10.9.2005 9:08pm
RTG:
So information that was formerly far to sensitive to release is now proper for public disclosure because the administration is under fire in other areas? It would be one thing if the primary attack being leveled against the administration was incompetence in preventing domestic terrorism, but to what extent this is a live issue it is certainly not a new one.

How about disclosing some of Mier's writings while working for the president?
10.9.2005 9:09pm
Glenn W Bowen (mail):
I've been surprised that a "DC sniper" campaign wasn't taken up by the terrorists- it works and it's cost effective as hell; so I wonder how effective, widespread, and united they actually are.

I live in NYC, and after the Trade Center attack, I had a lingering feeling these guys were a one trick pony.
10.9.2005 9:11pm
Buck Turgidson (mail):
Hey, at list they released some data (well, assertions, really, since no one has any way of verifying them) after recognizing that their claim was not being trusted. Don't forget, this is the the White House that puts a premium on ANY informaiton that is not already being spun by them. So this is a positive step. Now, if only they got into a habit of actually being honest...
10.9.2005 9:35pm
Bruce:
"Since 9/11, among the possible Islamic terrorist actions that occurred on the US mainland are . . . the DC snipers . . . ." Is there any evidence to support this? I assume by "Islamic terrorist actions" you mean more than just that John Muhammed is a Muslim.
10.9.2005 10:00pm
Noah (mail):
Seems to me that prior to 9/11 there was only one Islamic terrorist action w/in the U.S, so I remain agnositic as to whether four years of domestic tranquility necessarily means law enforcement has become more effective at frustrating serious attempts.

What I find most interesting is the cognitive dissonance that occurs when I compare the mainstream seige mentality ("a ruthless and evil enemy determined to attack the U.S." "a generational struggle with the Islamo-fascists") with what I see to be our relatively vulnerable defenses. If this is a death struggle between totalitarianism and freedom, and our enemies will stop at nothing why hasn't there been any U.S. subway, port, or chemical plant attacks? How hard can it be to smuggle, ship, or domestically create explosives? If you have operatives so blinded by hate that they are willing to commit suicide for their ideology, the only hang up is informational (how not to be detected) and logistical (the creation and shipment); and it seems to me that the openness of our society is not likely to prevent such a foe if it really exists.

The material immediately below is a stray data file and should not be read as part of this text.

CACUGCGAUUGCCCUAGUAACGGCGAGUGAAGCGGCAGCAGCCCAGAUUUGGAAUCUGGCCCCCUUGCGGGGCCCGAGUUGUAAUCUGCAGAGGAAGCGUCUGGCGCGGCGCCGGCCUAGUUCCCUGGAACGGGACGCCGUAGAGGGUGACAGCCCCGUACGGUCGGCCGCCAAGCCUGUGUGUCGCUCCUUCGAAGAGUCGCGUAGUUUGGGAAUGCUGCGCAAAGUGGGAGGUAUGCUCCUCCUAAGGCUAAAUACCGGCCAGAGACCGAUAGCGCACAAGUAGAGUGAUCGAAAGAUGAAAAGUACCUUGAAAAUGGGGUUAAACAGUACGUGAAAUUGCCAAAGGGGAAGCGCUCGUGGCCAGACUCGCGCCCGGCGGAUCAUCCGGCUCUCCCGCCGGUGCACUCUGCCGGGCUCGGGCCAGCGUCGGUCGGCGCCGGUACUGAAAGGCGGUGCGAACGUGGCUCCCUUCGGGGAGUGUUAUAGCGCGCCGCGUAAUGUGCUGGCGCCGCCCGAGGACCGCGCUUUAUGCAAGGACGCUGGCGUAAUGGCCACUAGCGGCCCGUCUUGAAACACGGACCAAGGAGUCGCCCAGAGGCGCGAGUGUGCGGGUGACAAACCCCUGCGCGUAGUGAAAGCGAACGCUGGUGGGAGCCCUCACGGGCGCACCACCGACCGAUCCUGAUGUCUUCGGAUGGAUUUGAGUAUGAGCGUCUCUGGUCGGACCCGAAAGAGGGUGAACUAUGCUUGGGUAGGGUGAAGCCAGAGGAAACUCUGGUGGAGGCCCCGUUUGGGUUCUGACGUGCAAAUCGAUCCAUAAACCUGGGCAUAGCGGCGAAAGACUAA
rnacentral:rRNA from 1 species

Have we just been lucky? Could it be possible that we have dealt "global terrorism" such a body blow that they have been unable to mount a counter-offensive? Are they all stuck to the Iraqi "flypaper"?
10.9.2005 11:10pm
Zed Pobre (mail) (www):
I'd like to see a bit more by way of detail. #3 in particular has been debunked before, and I suspect that the evidence on the rest is thin, at best.
10.10.2005 1:15am
Bruce Wilder (www):
I notice some things are not on this list.
Osama is still alive and hiding; his capture and his prosecution for murder or conspiracy has not happened.
The guy, who sent the anthrax letters, has not been identified or prosecuted.

Beyond the leading non-accomplishments, the Bush list also seems a bit light on institution-building. Noah is right that the country seems exceedingly vulnerable in a number of ways. I fault Bush for not providing the leadership necessary to get the country thinking seriously about how we are vulnerable, and what can be done about it.

Having grandmothers take off their shoes at airport inspections seems a bit wide of a sensible mark. Taking our society from "openness" to some kind of incompetent authoritarianism does not make a lot of sense. Creating an exception to the 4th and 5th amendments seems a bit extreme, but it is the only institutional reform, even implied in Bush's top 10 list.

I cannot be the only person, who is worried about avian flu. I am not really worried that a fairly lethal pandemic might start. That might happen, but evolution would have to take the virus through ten or so mutations, to get there. We don't have millions of bloody people living in trenches, to incubate the evolution of a super-virulent flu, as we did in 1918.

What concerns me is that researchers "recreated" the 1918 flu virus, as a way of learning about the possible evolution of avian flu. No, I am not concerned that the resurrected 1918 flu will get out of the lab. But, researchers created a lethal flu virus, didn't they? They can do that, now: engineer a lethal virus. Humans know how. Now.

And, guess what? It doesn't take hundreds of millions of dollars and giant centrifuges and teams of nuclear physicists. And, an engineered virus is not the size of truck, nor is it radioactive, or expensive and costly to mass-produce. A virus is invisible. A virus replicates itself into billions and trillions of virii, under the right conditions. And, a human can make one in a lab. A single, skilled individual, in a biology lab with the right equipment (which equipment is increasingly common), can engineer a lethal virus. And, university labs with the necessary equipment and basic lab technique in the U.S. alone number what? dozens? hundreds?